Ed Ward appears in the following:
Thursday, May 01, 2014
Largely ignored today, the rough-and-tumble quintet from Newcastle-Upon-Tyne gets reassessed in a new box set, titled The Mickie Most Years & More.
Wednesday, January 15, 2014
There was a time when people in the know in Memphis described James Govan as Otis Redding's natural successor. A new compilation collects some of his unreleased recordings.
Thursday, January 02, 2014
A new nine-hour box set, titled Sun Country Box: 1950-1959, collects Sun Records' country output.
Tuesday, December 10, 2013
In 2012, the band became another rock group that was celebrating its 50th anniversary. This year, it released Made in California, an eight-hour, six-disc retrospective of their career that, perhaps inadvertently, shows how this once-great force in American popular music faded from public view.
Friday, September 06, 2013
In 1950, a red-haired Alabama boy who'd learned about radio and electronics in the U.S. Army opened a recording studio to document the blues and country music he loved. A new box set compiles the beginnings of Sam Phillips' Memphis Recording Service, and the record label he would soon create.
Wednesday, June 12, 2013
One of America's great songwriters, Dan Penn has written dozens of soul classics, often with keyboardist Spooner Oldham. For a while, the two were on the staff of Fame Studios in Muscle Shoals, Ala. Ace Records has just released an entire CD of Penn's demos.
Monday, June 10, 2013
Ed Ward takes a look at Philadelphia's long and complex history of black pop music. Specifically, he looks at small labels like Arctic, where several famous artists got their start — and which has just released a set of CDs covering all 60 of its single releases.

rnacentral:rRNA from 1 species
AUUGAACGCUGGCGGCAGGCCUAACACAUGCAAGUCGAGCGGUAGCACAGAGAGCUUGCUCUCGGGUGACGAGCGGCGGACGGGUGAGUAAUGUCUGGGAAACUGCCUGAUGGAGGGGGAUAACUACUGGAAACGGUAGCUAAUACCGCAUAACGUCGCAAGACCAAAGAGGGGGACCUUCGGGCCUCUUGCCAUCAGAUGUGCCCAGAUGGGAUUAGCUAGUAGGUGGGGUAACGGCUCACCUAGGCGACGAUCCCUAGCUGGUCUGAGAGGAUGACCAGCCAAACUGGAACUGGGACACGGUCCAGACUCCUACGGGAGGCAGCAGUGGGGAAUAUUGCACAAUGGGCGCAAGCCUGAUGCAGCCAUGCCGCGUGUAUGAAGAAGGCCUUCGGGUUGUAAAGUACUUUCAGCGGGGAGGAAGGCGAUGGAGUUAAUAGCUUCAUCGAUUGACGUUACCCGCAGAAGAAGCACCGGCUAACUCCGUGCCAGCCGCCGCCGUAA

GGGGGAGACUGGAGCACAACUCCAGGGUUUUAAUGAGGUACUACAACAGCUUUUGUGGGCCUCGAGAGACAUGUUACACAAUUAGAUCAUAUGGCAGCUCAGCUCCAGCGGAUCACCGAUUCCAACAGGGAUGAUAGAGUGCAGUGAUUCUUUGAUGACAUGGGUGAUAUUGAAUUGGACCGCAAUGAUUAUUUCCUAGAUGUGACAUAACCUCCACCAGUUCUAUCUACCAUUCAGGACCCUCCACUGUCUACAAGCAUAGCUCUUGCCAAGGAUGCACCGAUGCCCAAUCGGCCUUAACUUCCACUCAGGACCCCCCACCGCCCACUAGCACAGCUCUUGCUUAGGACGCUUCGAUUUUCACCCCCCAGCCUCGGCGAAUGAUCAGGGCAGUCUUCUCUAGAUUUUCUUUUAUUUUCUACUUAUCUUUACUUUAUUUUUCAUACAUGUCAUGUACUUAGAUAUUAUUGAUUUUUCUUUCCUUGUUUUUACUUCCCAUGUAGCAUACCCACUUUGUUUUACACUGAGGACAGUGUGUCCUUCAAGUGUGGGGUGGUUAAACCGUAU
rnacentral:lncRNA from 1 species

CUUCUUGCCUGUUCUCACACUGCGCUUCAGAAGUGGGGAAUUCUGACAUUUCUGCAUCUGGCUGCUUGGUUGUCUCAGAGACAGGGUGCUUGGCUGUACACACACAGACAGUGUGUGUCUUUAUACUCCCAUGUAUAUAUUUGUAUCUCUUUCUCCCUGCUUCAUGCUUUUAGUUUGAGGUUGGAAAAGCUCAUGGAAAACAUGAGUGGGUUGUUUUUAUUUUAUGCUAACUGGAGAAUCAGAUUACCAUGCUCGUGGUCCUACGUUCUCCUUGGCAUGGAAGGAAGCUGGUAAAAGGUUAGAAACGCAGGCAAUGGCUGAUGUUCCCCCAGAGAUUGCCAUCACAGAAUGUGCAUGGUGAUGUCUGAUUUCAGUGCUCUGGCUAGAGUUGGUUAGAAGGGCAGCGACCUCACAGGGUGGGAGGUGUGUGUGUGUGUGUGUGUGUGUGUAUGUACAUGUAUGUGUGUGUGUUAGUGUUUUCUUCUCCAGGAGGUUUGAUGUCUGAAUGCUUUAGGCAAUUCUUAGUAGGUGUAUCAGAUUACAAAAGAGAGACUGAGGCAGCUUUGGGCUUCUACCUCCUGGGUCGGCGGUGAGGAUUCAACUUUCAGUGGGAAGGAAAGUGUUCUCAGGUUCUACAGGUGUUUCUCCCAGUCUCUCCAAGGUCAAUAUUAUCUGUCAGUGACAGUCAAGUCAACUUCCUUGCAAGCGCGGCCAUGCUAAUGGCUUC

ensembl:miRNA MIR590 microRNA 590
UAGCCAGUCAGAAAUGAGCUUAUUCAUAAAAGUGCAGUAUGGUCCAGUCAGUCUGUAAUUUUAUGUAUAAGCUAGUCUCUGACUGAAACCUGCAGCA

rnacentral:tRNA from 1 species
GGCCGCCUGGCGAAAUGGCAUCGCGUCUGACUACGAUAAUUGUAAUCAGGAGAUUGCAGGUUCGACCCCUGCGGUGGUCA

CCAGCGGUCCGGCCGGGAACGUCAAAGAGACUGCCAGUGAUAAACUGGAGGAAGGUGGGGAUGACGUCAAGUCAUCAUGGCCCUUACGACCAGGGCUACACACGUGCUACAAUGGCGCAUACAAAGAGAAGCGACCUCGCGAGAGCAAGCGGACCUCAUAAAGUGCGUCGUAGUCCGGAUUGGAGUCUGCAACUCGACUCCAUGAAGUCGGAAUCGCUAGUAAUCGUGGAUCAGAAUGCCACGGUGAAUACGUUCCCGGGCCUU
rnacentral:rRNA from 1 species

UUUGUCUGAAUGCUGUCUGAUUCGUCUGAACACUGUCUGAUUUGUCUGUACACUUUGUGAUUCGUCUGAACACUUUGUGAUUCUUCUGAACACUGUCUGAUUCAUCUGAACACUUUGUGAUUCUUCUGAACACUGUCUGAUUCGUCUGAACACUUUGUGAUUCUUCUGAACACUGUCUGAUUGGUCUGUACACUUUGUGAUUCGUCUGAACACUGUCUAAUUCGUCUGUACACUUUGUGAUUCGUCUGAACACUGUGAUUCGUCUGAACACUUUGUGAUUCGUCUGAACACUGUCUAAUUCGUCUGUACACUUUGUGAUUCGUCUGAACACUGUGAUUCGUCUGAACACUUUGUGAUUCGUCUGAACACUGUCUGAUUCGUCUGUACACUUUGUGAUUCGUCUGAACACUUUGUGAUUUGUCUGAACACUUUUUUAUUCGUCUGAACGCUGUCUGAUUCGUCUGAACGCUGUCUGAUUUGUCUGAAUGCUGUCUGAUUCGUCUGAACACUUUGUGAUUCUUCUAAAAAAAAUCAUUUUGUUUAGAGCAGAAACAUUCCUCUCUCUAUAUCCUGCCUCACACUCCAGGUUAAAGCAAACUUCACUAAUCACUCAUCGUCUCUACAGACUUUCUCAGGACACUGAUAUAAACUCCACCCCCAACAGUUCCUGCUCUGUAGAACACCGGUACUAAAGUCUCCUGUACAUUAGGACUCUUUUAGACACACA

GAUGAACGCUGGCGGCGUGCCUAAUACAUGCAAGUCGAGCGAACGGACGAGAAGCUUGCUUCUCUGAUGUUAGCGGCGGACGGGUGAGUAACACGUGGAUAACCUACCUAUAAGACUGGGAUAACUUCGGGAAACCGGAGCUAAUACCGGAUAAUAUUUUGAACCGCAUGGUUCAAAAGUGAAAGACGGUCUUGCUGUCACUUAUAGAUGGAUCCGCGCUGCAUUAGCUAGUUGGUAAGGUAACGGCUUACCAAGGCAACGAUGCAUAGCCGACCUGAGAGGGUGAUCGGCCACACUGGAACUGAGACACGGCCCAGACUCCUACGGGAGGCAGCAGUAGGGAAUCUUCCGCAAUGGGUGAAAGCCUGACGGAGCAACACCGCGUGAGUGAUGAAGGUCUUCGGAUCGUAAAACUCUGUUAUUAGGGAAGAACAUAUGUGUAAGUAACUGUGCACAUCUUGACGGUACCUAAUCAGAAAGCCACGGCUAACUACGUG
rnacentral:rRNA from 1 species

Friday, May 17, 2013
In 1958, Lewis suffered a precipitous decline in popularity when people learned that his new wife was not only 13, but also his cousin. Nobody would touch his records. Then, in 1963, he signed a deal with Smash and it looked like things were getting better.
Wednesday, April 10, 2013
Cash spent half a century in the limelight as a country singer turned American icon. Between 1958, when he first recorded for Columbia, until 1986, when it didn't renew his contract, he recorded more than 50 singles and 60 albums for the label.
Wednesday, March 13, 2013
Before he became the guitarist for ZZ Top, Billy Gibbons was in a band called the Moving Sidewalks that just missed its shot at stardom. The album the Moving Sidewalks never released in the late 1960s was released in late 2012 and is very much a period piece, albeit a very well-made one.
Wednesday, February 27, 2013
Franklin found her voice in songs such as "I Never Loved a Man" for Atlantic Records in the 1960s. Before Atlantic, however, Franklin recorded for Columbia, and in those early recordings you can hear the legend just beginning to emerge.